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Samuel Mickey

From the Portrait and biographical record of Hancock, McDonough and Henderson counties, Illinois : containing biographical sketches of prominent and representative citizens of the county (1894)
May, 1894. Lake City Publishing Co.

SAMUEL MICKEY, deceased, was born in Richland County, Ohio, was born on the 22d of November, 1827. His father, Robert Mickey, was a native of Westmoreland County, Pa., and was of Scotch-Irish descent. He moved thence to Ohio, and lived upon a farm, where Samuel was born. Samuel Mickey was brought up on the farm, but when he reached manhood he became discontented with his surroundings. Hearing of the discoveries of gold in California, bethought it a great opportunity, and in the spring of 1850 joined the army of emigrants then streaming westward. He was one of that vast number of young men who followed the awful trail of 1849, marked by wrecks of suffering and death. He crossed the Great American Desert, as it was then known, behind slow-moving teams of horses and cattle, and amidst peril, privation and ceaseless hardships. The Indians were on the war-path, and another more dreadful foe, the cholera, spread from ocean to ocean. The true history of this great movement has yet to be written. No poet has arisen to immortalize their achievements in verse. They had no Jason to lead them, no oracles to prophesy success, nor enchantments to avert dangers, but, like self-reliant Americans, they pressed forward to the land of promise, and traversed thousands of miles where the Greek heroes traveled hundreds.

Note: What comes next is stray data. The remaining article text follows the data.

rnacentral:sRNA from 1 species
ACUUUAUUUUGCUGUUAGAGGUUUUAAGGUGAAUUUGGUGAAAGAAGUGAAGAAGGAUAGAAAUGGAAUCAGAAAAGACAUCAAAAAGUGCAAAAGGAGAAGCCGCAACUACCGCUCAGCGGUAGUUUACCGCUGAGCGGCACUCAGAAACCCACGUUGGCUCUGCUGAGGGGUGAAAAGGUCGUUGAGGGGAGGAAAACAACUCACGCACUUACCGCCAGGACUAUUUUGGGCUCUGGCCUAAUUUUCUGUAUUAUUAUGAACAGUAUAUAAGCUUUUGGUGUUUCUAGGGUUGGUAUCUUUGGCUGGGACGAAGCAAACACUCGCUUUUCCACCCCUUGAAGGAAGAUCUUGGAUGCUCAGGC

After spending a year in the gold fields of California he returned to his home in Ohio, and moved from thence to Oquawka, Ill., where he lived ten years. In 1852 he was married to Jane Cousland, daughter of William and Mary (Palmer) Cousland. To this union he ascribed a large share of his success in life. He continued to reside in Oquawka until 1862, when he removed to a farm in Bald Bluff Township, Henderson County, where he made his home until 1865. He then went to the farm on which he spent his remaining days, and to its cultivation and improvement devoted his energies until that Messenger which pursues us all came and called him away.

He was honored, respected and beloved in every relation of life. He was not a man of books, and the education he possessed other than what he received in the common schools was acquired in the rugged and busy affairs of life. The wisdom he had was consequently keener and higher than that obtained from libraries. He was endowed with great natural powers, a firm will and great energy; his ideas were broad and comprehensive; his tastes were simple, and he cared nothing for show; adversity but stimulated him to exertion; prosperity but increased his desire and power for good. When misfortunes crossed and obstructed his pathway, he met them with a defiant determination, that either swept aside or surmounted them. At every step in life he acted upon the principle that "a good name is rather to be chosen than great riches," and so now he sleeps in honor without stain or blemish among those he loved and knew.